"Out of his Depth," with art by Alfredo Alcala, is very EC: a girls' camp counselor, afraid she's aging off the market, has two options as far as finding a man. There's hygiene-deficient handyman Willie, and administrative cad Lowry. Feigning interest in Willie gets Lowry's attention, briefly: when she finds Lowry cheating, she marries the rank-smelling Willie out of depression and desperation. Unable to, ahem, consummate their relationship because of the smell, she runs back to Lowry, who knew the camp was on Willie's land, and he was actually quite rich...The comeuppance is implied more than seen here, but still awful. Awful in the exact way these stories should be, that is!

"A Walk in the Woods" is a fairy tale romp with art by Bret Brevins, and the last story is the Bradbury-like "All Hallows" with art by Tim Conrad. A now-teenaged band of trick-or-treaters seemingly have an entire neighborhood under their thumb, but their motivation is a surprise. Three solid hits out of four here, and even that whiff is stronger than most Marvel/DC horror strips. Wonder when I'll stumble across another of these, though.
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Wednesday, October 16, 2019

"Hunters."


This feels like a hundred years ago and didn't really happen anyway, but it used to seem like Marvel Legends and Marvel Select were going to run on different tracks; with Select featuring less conventional choices and larger characters, like Mephisto or the Watcher. Neither of whom have gotten a Legend figure to date, by the way: I think the last Select I picked up (at full price, anyway) was the Destroyer, another big'un. In some alternate timeline, maybe Legends kept the regular sized figures and Select was down the roster to Xemnu the Titan or Gorgilla...maybe not.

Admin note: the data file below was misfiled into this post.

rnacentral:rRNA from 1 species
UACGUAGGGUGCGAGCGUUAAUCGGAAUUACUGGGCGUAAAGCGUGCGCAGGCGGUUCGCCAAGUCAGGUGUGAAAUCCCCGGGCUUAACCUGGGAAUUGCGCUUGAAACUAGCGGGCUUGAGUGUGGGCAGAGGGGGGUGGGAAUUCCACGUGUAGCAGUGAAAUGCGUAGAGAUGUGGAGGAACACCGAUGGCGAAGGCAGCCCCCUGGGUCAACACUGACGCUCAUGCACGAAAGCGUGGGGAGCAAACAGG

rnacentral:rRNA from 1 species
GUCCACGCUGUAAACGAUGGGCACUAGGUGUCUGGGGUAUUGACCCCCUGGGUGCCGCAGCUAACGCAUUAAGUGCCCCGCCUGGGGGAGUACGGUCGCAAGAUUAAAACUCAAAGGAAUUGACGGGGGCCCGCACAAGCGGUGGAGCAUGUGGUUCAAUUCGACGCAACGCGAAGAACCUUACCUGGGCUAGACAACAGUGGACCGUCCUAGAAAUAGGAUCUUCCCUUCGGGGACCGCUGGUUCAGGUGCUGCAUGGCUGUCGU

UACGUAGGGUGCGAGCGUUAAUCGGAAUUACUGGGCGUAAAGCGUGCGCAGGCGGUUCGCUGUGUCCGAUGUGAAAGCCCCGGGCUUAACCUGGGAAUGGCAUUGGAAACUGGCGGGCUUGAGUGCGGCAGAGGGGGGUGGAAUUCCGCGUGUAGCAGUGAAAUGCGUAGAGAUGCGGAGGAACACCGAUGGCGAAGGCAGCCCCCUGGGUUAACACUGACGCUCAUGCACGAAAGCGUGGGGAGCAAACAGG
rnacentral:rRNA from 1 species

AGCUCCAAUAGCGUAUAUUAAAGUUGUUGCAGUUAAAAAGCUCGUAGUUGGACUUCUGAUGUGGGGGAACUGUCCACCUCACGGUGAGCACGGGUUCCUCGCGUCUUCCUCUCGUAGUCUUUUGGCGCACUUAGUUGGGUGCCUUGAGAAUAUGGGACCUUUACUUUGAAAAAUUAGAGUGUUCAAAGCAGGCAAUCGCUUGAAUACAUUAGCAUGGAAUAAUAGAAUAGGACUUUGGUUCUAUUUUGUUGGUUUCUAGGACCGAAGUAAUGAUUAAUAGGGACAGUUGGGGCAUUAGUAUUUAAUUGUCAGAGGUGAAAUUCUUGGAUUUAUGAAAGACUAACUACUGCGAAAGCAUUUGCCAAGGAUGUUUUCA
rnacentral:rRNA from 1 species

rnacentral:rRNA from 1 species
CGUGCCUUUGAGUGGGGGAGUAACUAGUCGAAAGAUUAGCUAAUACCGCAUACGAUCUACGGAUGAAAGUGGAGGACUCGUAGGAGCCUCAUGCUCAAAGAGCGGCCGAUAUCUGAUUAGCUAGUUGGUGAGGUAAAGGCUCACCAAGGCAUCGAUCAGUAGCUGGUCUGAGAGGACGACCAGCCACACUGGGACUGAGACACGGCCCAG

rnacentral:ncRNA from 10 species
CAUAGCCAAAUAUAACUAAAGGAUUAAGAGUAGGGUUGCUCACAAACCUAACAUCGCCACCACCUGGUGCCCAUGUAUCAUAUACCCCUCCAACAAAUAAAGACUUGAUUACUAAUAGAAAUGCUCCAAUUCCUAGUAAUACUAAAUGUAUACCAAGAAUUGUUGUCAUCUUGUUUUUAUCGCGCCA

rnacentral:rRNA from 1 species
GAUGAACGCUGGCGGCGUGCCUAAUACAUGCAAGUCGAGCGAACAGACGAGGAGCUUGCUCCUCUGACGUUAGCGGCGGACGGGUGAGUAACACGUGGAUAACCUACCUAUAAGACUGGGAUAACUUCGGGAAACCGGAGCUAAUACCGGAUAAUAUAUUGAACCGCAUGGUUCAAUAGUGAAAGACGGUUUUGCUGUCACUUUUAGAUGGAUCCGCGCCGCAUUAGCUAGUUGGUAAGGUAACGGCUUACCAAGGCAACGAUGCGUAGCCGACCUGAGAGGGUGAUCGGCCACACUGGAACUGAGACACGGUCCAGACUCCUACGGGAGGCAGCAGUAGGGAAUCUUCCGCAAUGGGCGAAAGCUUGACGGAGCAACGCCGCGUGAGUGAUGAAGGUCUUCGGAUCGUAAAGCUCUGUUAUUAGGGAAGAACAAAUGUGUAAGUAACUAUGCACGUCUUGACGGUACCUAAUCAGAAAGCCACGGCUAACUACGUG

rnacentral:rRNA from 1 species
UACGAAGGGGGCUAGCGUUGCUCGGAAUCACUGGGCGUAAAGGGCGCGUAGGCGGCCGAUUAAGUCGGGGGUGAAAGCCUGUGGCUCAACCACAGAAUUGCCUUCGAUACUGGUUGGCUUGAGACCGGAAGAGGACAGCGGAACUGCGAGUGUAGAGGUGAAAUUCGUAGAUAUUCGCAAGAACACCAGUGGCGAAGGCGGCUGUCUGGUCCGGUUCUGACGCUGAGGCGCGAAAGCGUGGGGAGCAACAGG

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Tuesday, October 15, 2019


When the Paramount deal for the Atlas-Seaboard properties was announced, I had never picked up a single issue of that company's all-too-brief line, but I did pick up this final issue recently: from 1975, Planet of Vampires #3, "The Blood Plague!" Written by John Albano, art by Russ Heath.

In the far-flung future of...2010, a band of astronauts returns from space to find earth decimated by atomic and biological warfare, and New York City ruled by a vampire elite that prey on humans like cattle. By this point, Elissa and Brenda, the wives of our heroes Craig and Chris, have been captured by the vampires; so the guys raid an abandoned Air Force base for weapons and storm the dome. (Since these aren't traditional, Dracula-style vampires; they don't need the wooden stakes and whatnot; shooting them works just fine. Still, despite being 'science' vampires, on the cover of #2 one of them is wearing a Dracula cape, because...um...) Elissa is found dead, but while Chris puts a bullet in the head of the head vampire (or middle-management vampire, I'd guess) Craig finds Brenda, alive. Still, Craig was done, unwilling to go on.

Chris and Brenda take one of the vampires' "floater" crafts, and fly all the way to "Los Angles" (sp) in search of humans, and find nothing. Running out of gas, they set down near an abandoned zoo, with the cages torn open. Instead of lions, tigers, or bears, though; they're set upon by a pair of giant spiders! Chris rallies to knife them both to death, but Brenda is injured, and dies at the end of the issue. Does Chris have anything left either, to press on? The "Next Issue" teaser seems to team-up Craig and Chris again, in a very Kirby/Kamandi looking spread against the "Revenge of the Vampires!" But I don't think Atlas-Seaboard had a single title get a fourth issue; this one doesn't either. (That spread is signed Lieber and Milgrom.)